If you have tried visiting the Silk Road 3.0 website recently (the official URL http://reloadedudjtjvxr.onion) you might have found the site – offline.
Now, apparently Silk Road 3.0 is run by the same admins that run Crypto Market, so if you are not afraid to experiment a little, maybe this can be a suitable alternative for you. Crypto Market is growing rapidly and already is the 4th biggest darknet market with over 20000 listings and 12500 listings of drugs. It is known that the Crypto Market has also been offline every now and then recently because of a DDos attack, this is usually because the owner of another market is pissed off that there is a new market rapidly rising and stealing business. The developers are trying to apply new security measures and other upgrades to eliminate the threat which will only make it better.
Just to recap, Silk Road is the best known name for a darknet market; it’s almost like – a rock star on the darknet! The original, first Silk Road market was founded by Ross Ulbricht, later arrested and convicted to two lifetime sentences in prison.
Immediately after the fall of the market and Ross Ulbricht, Silk Road 2.0 emerged. 2.0 wasn’t in the media as much as its predecessor but actually did more business than the original, and pretty soon was seized by the officials; its founder was arrested as well in the Operation Onymous.
However, the saga didn’t end here and the 3.0 version of the market was born. It had a brand new design and it was much more secure than the previous version of this popular drug market.
At the same time new speculations started. Some claimed that the market was a scam and that they are trying to fool inexperienced buyers and perform an exit scam. Some users (perhaps those veteran users that have seen several marketplaces go down for this or that reason, such as Silk Road, Agora, Evolution, and so on… and are used to these dynamic changes on the Dark Web) are totally blasé about this; while others agree with the exit scam being the possible cause.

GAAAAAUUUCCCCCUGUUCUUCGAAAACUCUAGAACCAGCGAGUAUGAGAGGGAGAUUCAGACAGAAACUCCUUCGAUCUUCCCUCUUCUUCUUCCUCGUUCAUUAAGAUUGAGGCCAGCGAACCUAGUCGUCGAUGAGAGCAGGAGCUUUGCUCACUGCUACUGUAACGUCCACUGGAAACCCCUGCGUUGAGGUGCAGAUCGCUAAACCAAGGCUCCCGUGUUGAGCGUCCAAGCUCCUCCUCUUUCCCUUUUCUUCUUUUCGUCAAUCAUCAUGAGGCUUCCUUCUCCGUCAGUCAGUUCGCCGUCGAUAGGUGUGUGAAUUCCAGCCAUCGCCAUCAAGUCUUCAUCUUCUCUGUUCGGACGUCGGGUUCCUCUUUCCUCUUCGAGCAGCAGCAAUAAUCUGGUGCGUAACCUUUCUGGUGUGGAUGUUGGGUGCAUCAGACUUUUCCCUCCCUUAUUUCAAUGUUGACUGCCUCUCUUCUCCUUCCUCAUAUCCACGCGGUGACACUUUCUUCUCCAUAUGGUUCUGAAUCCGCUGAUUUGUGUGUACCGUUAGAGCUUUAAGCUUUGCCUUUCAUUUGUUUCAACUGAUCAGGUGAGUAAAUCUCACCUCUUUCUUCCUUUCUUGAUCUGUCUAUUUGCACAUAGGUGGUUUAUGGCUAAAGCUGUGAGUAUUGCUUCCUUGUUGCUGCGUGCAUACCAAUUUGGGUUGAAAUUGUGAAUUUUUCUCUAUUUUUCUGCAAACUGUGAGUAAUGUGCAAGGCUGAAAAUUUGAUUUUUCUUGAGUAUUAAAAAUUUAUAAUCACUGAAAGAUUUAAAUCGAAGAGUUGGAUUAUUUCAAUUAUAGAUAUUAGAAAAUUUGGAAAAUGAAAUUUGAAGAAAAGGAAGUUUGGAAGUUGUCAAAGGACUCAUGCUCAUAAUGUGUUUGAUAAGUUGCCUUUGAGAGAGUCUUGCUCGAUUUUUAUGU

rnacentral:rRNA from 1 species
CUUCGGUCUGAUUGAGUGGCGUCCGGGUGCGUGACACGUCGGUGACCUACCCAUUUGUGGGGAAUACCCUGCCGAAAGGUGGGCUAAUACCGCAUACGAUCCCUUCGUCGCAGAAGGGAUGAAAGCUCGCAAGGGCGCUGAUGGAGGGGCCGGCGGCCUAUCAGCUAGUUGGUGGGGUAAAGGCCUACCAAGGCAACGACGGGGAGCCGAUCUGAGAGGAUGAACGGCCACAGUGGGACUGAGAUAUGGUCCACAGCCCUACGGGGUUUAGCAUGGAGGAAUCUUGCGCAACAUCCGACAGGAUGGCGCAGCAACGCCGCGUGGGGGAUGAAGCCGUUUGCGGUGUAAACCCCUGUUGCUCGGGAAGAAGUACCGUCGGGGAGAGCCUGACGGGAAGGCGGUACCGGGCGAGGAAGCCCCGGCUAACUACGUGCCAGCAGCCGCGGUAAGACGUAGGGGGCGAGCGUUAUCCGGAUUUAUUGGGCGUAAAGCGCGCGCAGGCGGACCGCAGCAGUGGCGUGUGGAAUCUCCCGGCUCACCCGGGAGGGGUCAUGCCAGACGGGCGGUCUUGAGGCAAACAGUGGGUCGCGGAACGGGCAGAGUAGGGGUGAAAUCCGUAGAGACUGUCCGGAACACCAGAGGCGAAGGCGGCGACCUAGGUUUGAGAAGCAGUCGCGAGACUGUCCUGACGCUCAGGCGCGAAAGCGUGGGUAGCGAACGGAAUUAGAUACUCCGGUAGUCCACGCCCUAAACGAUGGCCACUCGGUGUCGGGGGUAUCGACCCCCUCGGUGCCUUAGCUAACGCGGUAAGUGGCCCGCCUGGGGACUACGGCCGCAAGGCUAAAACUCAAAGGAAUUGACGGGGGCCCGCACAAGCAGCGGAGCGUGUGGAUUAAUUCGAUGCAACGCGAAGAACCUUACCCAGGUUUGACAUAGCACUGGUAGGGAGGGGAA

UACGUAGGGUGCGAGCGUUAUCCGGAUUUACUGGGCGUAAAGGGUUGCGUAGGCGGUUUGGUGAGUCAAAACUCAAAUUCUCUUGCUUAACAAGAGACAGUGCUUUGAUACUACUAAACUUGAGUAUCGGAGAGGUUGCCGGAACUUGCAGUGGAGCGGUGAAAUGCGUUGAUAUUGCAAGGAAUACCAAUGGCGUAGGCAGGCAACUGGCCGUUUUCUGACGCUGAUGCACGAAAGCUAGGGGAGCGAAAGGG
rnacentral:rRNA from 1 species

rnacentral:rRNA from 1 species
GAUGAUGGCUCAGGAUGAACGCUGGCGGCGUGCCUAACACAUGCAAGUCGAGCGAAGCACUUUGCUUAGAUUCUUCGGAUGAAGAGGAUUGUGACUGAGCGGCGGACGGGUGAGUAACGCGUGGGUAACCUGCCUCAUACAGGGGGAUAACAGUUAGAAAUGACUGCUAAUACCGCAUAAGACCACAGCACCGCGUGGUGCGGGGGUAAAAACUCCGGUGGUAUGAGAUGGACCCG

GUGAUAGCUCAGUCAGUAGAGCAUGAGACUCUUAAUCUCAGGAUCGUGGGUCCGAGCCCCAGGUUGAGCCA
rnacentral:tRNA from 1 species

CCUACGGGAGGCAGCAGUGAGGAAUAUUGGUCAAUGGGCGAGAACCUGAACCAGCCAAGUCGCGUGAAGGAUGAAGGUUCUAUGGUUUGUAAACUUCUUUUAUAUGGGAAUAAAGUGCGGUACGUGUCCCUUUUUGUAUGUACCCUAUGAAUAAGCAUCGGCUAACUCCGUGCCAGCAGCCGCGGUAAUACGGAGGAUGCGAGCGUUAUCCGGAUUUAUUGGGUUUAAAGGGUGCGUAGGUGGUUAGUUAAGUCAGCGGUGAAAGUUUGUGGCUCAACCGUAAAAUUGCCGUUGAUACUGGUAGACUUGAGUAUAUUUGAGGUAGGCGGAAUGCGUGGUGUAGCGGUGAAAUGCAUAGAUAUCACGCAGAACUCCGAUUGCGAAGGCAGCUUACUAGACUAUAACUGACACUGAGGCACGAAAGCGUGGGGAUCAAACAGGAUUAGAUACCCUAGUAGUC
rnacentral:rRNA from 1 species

Whatever the cause for this downtime is and whether we should trust the speculations, it is still just an object of debates on the internet, until the admins release the official explanation. And despite many allegations, many have remained faithful to the Silk Road brand and still hope that their chosen marketplace will be up and running in no time.
There is nothing strange in these sudden disappearances of darknet markets. It can happen anytime and for any reason. Every time a darknet market disappears, immediately new speculations spring out – people evaluating whether it’s an exit scam or a DDoS attack or whether the market was seized by the authorities. Even bigger fuss is made when one of the markets bearing the Silk Road brand name goes missing.
After the pioneer marketplace Silk Road, it happened to its successor, a very popular market Agora. The admins planned to work on improving the security of its website, and promised to be online as soon as they resolve some well-known issues with Tor network. They officially announced their break and even offered enough time for their customers to withdraw their funds from the website. However, their long awaited return hasn’t happened yet; instead, many other markets followed and joined them in their disappearance from the face of the Darknet.
In the case of Silk Road 3.0, everything is still possible; and it feels reasonable to hope it’s just down for maintenance.